It is with this sentence in mind that nearly all of the work produced by Ninja Theory needs to be considered. Serkis makes an interesting point and is without doubt the direction the main stream of the gaming industry is funneling into. Games are becoming visceral, exciting moments of entertainment that combine clever mechanics, technical ability with the experience of taking part in something momentous and invigorating. It has been an inevitable shift as the consoles have grown up and spied the world around them. They have seen where the money goes. Of course this doesn’t mean that all games follow suit. The good thing about a herd is that is easy to set yourself apart when you strive or achieve something different.
Ninja Theory have been one of the those developers not really travelling with the herd but hoping that some of their pioneering work will make all of our experiences with games that much more authentic, engrossing and tender. The first signs that anyone saw of this was in Heavenly Sword an early PlayStation 3 release which contained cut scenes of such detail and honesty it was easy to believe that this method of “performance capturing” that Ninja Theory were essentially revolutionary in their approach to game titles, and it could be what we see in games from there on in.
It has been three years since Heavenly Sword and Ninja Theory have a new showing of their vision for the medium: Enslaved: Odyssey to the West is (another) re-telling of 16th Century Chinese Novel Monkey: Journey to the West. What has been turned into both a TV show and an Opera by Blur and Gorillaz frontman Damon Albarn now has a game to add to its legacy as a 400 year old myth.
Enslaved is a slightly modern retelling of that Monkey myth. The Monkey is now only simian by name and the West is in North America where the two characters Monkey and Trip are heading after escaping from a slave ship. Set in a post-apocalyptic America, Monkey and his female companion set out to seek her former community, to take her home. Even if at the start Monkey isn’t all too willing.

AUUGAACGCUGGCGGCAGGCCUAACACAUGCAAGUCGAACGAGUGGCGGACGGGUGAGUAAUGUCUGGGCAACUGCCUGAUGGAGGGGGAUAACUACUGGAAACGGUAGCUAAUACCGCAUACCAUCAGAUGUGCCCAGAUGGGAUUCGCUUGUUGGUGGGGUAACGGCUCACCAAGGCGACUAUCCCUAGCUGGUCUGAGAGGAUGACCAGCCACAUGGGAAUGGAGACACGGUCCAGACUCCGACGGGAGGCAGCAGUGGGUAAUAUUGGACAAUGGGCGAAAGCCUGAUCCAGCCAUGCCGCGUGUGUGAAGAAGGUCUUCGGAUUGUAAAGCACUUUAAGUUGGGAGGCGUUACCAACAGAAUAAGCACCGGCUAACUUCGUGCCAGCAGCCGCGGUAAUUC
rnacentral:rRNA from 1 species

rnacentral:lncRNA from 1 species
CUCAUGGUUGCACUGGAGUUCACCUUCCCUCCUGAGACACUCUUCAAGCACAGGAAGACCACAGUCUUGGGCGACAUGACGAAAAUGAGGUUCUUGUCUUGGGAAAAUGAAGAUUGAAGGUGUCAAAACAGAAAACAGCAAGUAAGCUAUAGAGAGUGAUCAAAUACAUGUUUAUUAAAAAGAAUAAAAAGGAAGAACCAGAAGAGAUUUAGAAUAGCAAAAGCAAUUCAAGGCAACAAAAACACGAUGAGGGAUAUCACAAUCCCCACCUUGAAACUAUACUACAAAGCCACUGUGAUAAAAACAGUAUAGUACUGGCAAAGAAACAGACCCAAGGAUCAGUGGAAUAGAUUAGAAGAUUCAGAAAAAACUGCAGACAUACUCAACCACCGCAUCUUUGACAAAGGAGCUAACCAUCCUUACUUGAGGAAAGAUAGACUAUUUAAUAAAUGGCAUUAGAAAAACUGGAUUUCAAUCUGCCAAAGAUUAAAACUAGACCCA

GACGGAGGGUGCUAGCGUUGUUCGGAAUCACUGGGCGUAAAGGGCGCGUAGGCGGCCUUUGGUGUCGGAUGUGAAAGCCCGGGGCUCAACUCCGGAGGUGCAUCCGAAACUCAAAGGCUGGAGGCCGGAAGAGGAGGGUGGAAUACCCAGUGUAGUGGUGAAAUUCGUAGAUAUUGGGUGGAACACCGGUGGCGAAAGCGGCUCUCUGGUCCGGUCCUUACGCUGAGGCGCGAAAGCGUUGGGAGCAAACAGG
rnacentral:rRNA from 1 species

The opening hook of Enslaved is that after escaping from the slave ship on your own, Trip sees Monkey as her only hope in making the journey back to her family as the world that once was is littered with inactive “Mechs”, machinery replacing the magic and demon attackers of the original Journey to the West. So because of this danger up ahead Trip places a slave band on Monkey’s head and now has an air of moral and physical control with the simple command that if her heart stops beating, so does his.
The first thing that surprisingly grabs you about Enslaved is how wonderful and vibrant New York, in particular, looks after its end. Weeds are growing through cracks in walls; flowers are taking back the city. Limp torn flags hang in the wind defenseless against a permeating backdrop of lush greens and tangled foliage. It is almost like an act of kindness to the landscape and makes exploring the city a pleasure. The wasteland of the destruction is there in the game, but these opening few chapters just highlight a wonderfully energetic post-apocalypse.
In turn there is nothing nonchalant about the story either. Driven, emotional and utterly absorbing it is a testament not only to the studio for taking the time to really tell the story through the characters. Making an animated character look alive on screen is just more evidence that for a game to really be effective as a narrative it needs a human drive. And there is no one better in this instance than Andy Serkis. From Gorilla to ill-formed ring lover Serkis has really had more of a glimpse than any actor dare into the positives of performance capture. Where each facial movement of the characters are mapped out as the cast literally perform the whole game as if it were a film.
The effect this has on a cut scene that is rendered in game is really only seen to be believed. Characters exude real thought and passion. Relationships blossom delicately and subtly. Smiles of doubt are picked up, frowns of worry are only magnified by their graceful precision of an actor that is truly feeling his role and playing it out with another actor playing their role to perfection as well.